Reflections from the Halfway Point

Morgan Brown
March 1, 2020

It’s difficult for me to comprehend that my program in Dublin is halfway done. Actually, at the time of writing this, I have only 48 days until I hop on a plane and fly back to Michigan. After spending nearly two months in Dublin, it simultaneously feels like I have been here forever and not at all. Now that the end of the semester is in sight, time seems to be slipping by quicker than ever, and I’m trying to find a balance between keeping up with responsibilities and cherishing every fleeting moment that I have left in Dublin.

Any website or study abroad advisor will tell you that there is a pattern to studying abroad. When you first arrive and begin your program, you’ll be on a high, spurred on by traveling, making new friends, and independence like never before. But a few months into the program, once the midway point hits, it’s typical for students to fall into a bit of a slump, stuck in the same routine and feeling the onset of homesickness. I’ve felt this at times myself, wishing for the comfort of having my family and friends nearby, to be able to tell them about all the beautiful parts of Ireland that I wish they could experience alongside me.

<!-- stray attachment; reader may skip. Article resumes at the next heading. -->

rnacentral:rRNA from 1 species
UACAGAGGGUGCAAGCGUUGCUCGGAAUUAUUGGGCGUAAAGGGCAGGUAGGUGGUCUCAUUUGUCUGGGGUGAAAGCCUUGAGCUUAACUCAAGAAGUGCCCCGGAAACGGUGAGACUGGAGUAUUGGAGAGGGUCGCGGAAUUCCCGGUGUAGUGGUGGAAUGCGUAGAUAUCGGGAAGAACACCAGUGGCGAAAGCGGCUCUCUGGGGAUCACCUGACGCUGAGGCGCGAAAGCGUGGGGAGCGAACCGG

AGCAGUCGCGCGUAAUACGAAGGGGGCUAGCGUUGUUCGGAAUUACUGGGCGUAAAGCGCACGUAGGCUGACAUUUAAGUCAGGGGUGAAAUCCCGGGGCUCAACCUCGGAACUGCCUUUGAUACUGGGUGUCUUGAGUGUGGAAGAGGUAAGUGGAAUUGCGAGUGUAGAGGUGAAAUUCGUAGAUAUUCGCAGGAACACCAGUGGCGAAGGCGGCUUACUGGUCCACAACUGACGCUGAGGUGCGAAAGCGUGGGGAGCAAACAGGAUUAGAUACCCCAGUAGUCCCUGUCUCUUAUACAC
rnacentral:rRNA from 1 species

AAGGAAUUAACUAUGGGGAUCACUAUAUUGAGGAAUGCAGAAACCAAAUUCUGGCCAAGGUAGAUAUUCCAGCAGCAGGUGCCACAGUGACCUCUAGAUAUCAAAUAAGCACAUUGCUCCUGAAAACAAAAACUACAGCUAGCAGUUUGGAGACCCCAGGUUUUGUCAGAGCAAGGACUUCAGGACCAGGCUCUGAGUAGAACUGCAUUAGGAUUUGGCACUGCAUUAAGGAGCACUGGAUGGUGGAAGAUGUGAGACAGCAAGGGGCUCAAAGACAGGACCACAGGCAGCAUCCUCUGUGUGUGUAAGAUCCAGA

But what’s even more vital than the midterm slump is what comes afterward. One of my professors tells us that one of the things he loves most about this program is watching all of his students build momentum. And while I can’t speak for everyone, for me that is exactly what happened. My travel plans have been extending farther outside of Dublin with every passing week. I have a clear direction for my academics and have more motivation than ever for my writing. But most importantly, I’ve grown in confidence.

Rather than traveling outside of the country for midterm break, I was fortunate enough to have my family visit me. I spent the week showing them around Dublin, and that week was when I truly realized how much living in a new city has affected me. Studying abroad forces you to be a more independent person, and it wasn’t until my parents visited that I noticed just how independent I have become.

After spending two months in a foreign place, you’ll know exactly where everything is. You’ll know how to navigate the fastest routes around the city. You’ll know where the best restaurants are, which attractions are worth visiting, what hidden gems the side streets have to offer. You’ll know the norms of the city and feel that you fit in with the people around you. I found when my parents visited that I wasn’t just showing them what tourists would visit in Dublin but also what I’ve found to be my favorite places. I showed them which route I prefer to take to class and which cafés have the best coffee. I showed them my version of the city I’ve come to know and love, and I realized that I have made somewhere that I never could have pictured myself living into a home.

When I first arrived in Dublin, I thought by this point that I’d be dying to go home. But now, whenever I walk around the city, I try to soak in every moment, because I know that as soon as I leave, I’ll be dying for more time.

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